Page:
Passy, 8 February, 1785.

Sir,

I received by the Marquis de Lafayette the two letters you did me the honor of writing to me the 11th and 14th of December; the one enclosing a letter from Congress to the King, the other a resolve of Congress respecting the convention for establishing consuls. The letter was immediately delivered and well received. The resolve came too late to suspend signing the convention, it having been done July last, and a copy sent so long since, that we now expected the ratification. As that copy seems to have miscarried I now send another.

I am not informed what objection has arisen in Congress to the plan sent me. Mr. Jefferson thinks it may have been to the part which restrained the consuls from all concern in commerce. That article was omitted, being thought unnecessary to be stipulated, since either party would always have the power of imposing such restraints on its own officers, whenever it should think fit. I am, however, of opinion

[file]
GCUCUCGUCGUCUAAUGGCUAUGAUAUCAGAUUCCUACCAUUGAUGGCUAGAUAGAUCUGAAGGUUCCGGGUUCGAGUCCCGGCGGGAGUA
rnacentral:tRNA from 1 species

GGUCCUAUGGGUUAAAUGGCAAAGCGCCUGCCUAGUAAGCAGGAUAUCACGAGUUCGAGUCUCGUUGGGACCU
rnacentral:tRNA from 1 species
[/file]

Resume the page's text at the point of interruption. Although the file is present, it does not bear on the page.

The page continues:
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that this or any other reasonable article or alteration may be obtained at the desire of Congress, and established by a supplement.

Permit me, Sir, to congratulate you on your being called to the high honor of presiding in our national councils, and to wish you every felicity, being with the most perfect esteem, &c.

8. Framclix.

TO RICHARD PRICE.

Purchase of Books for the Town of Franklin.

Passy, 18 March, 1785.

Dear Friend, My nephew, Mr. Williams, will have the honor of delivering you this line. It is to request from you a list of a few good books, to the value of about twentyfive pounds, such as are most proper to inculcate principles of sound religion and just government. A new town in the State of Massachusetts having done me the honor of naming itself after me, and proposing to build a steeple to their meeting-house if I would give them a bell, I have advised the sparing themselves the expense of a steeple, for the present, and that they would accept of books instead of a bell, sense being preferable to sound. These are therefore intended as the commencement of a little parochial library for the use of a society of intelligent, respectable farmers, such as our country people generally consist of. Besides your own works, I would only mention, on the recommendation of my sister, "Stennett's Discourse on Personal Religion" which may be one book of the number, if you know and approve it.*

* Dr. Price complied with this request, as may be seen in his letter under the date of June 3d, 1785. The books were procured and for